For those of us who seemed to keep returning to Guatemala, Antigua is such a byword, a nonchalant commonplace place, that I forget five years ago I had never heard of it. Now, returning home, I speak of it to family and friends as if everyone from Mississippi to Montana has a firm grasp on this tiny colonial town in Guatemala, a country most people I’ve met can’t pinpoint on a map (nor could I before 2008).
On my last visit up north, I was haranguing my oldest brother to finally break free of the US borders and visit his “punk” little brother this year. I’ll be living in Antigua, and it’s a place he would enjoy, not too far out of conveniences and comforts but still close enough to traditional dress and the Latin American vibe. To my surprise, I got a call from him a couple of days later when he’d had little success finding a resort hotel and learned the city wasn’t near the beach. Obviously, my description of Antigua had been largely lacking.
As a result of this blunder, I’ve come to realize how often Antigua is mentioned in my conversations, emails, and blogs—the same way my family might discuss Plaquemine or Zachary on the outskirts of Baton Rouge, assuming there’s already some rudimentary knowledge. In truth, the former Central American capital is peeking up at a population of 40,000 and is probably most readily identified by its inclusion on packages of designer brands of roasted beans. It’s great, but perhaps there is little reason for Community Coffee-drinking Louisianans to know a damn thing about it.
So, I suppose the place to begin is where we are. Antigua is obviously located in Guatemala (Guatemala is the country just south of Mexico), but more specifically, it’s about one-and-a-half/two hour drive from the Pacific coast and roughly 40 miles west of Guatemala City. We are in the lower third of the country, nearing El Salvador, and Antigua is sunken into the Panchoy Valley at the foot of a massive dormant volcano called Agua in an area known as the Central Highlands. (Outside the gate of our apartment, the right-hand view follows 6th Avenida directly into the enormous waistband of Agua.)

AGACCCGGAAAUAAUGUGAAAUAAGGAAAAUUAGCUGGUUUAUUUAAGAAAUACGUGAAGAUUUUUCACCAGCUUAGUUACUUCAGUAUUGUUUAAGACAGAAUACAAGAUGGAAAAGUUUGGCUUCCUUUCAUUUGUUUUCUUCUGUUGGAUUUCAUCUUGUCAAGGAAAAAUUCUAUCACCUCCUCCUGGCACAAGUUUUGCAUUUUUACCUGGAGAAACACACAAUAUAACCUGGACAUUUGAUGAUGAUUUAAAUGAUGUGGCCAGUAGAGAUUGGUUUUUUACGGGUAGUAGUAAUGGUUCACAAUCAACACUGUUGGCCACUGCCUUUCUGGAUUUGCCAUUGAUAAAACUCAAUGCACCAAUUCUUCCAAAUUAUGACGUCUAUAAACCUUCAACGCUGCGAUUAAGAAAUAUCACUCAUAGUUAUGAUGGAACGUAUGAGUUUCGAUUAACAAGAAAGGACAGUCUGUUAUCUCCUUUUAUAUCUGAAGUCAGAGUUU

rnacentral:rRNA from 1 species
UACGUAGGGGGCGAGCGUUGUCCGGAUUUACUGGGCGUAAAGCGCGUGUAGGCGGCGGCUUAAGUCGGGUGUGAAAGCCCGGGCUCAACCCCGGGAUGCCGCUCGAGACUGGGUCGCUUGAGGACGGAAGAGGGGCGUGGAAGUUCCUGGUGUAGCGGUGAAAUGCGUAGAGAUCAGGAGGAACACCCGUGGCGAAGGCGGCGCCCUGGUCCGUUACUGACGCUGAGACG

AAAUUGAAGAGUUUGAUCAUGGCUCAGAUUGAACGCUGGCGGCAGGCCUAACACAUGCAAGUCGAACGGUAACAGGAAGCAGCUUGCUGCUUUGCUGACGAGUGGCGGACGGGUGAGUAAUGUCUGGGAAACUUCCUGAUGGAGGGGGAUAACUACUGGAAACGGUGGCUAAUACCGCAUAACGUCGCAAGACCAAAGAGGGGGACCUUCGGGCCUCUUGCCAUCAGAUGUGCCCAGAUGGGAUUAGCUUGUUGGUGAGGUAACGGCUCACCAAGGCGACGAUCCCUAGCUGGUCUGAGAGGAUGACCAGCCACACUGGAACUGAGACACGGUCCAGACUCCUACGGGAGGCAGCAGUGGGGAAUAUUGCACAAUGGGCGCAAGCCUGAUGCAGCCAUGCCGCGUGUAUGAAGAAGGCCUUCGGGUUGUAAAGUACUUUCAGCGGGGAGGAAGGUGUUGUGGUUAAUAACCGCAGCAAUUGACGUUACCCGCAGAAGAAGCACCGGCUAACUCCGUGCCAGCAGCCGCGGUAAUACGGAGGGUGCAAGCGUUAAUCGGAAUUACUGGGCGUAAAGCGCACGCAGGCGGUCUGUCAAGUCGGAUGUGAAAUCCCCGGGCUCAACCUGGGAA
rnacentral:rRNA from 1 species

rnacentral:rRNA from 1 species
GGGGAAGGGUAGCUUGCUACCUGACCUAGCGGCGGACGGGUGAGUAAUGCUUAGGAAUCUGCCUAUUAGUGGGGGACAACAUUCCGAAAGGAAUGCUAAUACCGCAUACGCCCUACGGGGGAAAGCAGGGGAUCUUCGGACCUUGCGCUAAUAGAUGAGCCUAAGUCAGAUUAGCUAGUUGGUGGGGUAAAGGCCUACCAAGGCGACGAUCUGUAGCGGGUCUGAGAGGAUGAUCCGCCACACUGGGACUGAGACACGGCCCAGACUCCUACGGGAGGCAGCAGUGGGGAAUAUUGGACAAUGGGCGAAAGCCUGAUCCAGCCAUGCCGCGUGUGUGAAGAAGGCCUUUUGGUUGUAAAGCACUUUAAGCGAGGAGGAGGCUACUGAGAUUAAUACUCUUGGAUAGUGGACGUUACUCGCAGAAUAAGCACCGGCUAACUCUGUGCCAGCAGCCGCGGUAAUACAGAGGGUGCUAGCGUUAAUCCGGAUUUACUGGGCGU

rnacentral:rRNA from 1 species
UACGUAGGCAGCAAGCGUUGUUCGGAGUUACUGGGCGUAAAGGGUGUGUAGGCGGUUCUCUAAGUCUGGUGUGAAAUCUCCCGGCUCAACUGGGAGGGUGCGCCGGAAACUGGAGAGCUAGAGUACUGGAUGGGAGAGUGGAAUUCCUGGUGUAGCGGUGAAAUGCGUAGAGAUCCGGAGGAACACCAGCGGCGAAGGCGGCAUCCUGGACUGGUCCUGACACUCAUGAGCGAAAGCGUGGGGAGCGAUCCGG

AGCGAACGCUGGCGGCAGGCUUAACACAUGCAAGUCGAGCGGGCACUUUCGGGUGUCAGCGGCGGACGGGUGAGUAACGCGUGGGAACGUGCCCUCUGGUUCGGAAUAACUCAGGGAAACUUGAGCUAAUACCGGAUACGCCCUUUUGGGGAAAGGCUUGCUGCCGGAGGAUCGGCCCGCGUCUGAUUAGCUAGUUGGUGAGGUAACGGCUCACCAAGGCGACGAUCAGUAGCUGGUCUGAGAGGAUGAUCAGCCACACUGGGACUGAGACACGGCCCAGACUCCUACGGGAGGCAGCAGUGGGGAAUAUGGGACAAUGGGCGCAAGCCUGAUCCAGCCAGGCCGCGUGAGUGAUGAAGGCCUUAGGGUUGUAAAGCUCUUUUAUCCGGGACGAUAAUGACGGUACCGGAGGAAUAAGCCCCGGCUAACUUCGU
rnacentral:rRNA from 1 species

While many on the backpacker trail, roughing it through Central America, consider Antigua a bit of Disneyland, a city that caters much too obligingly to tourists, I find it refreshing and real. It’s definitely a cultural melting pot of expat business owners, international volunteers, and commuting villagers. It’s largely void of global chains, disabled-friendly entrances, and air conditioning, yet safe enough to explore at night, kempt enough to find genuinely beautiful, and funky enough to still have chicken buses—packed to the emergency exits—belching their way through the streets.
Antigua, the city itself, is the former capital of Guatemala, abandoned in the early 1900s after an earthquake destroyed much of place. What’s left is a colonial town densely populated with the ruins of Spanish churches, restored and maintained buildings, fantastic plazas, and shaded promenades. There is a lazy Parque Central with a huge fountain where folks congregated for idleness. Cobblestone streets, a huge market, abounding pastels, coffee plantations, chocolate museums, as well as unique bars and hotels and restaurants…It is a UNESCO World Heritage Site, for Christ’s sake.
Beyond the city, there are active volcanoes to climb. Three hours north is Lake Atitlan, often cited as one of the most beautiful lakes in the world. There is Earth Lodge, the guesthouse where we’ve lived for the last seven months, a lethargic land of hammocks, guacamole, vistas, and games. And further afield, for those who yearn for adventure, for moving, there is Tikal (Mayan ruins hidden in the jungle), Rio Dulce/Livingston (near the Caribbean and all that), and the Pacific Coast (for black sand beaches and surfing).
Also, for some, there is me, the punk little brother who has visited the outskirts of Tulsa (where the punk big brother lives) twice since moving abroad, who has been to Baton Rouge half a dozen times, to Texas (despite sticking out like a belt buckle in a yoga retreat), to Memphis, St. Louis, California, Oregon, and Utah. Around one million people who don’t know me visit Antigua every year. More or less, only my mother and mother-in-law come to see me. So, take this as a hint, a wink (www.kayak.com), and see you soon.
In 2013, I took a year to work part-time and pursue a travel writing career on the side. Part of my mission was to explore the depths of one Central America's great tourist attractions and take from it what I could. These are thoughts on Antigua Guatemala.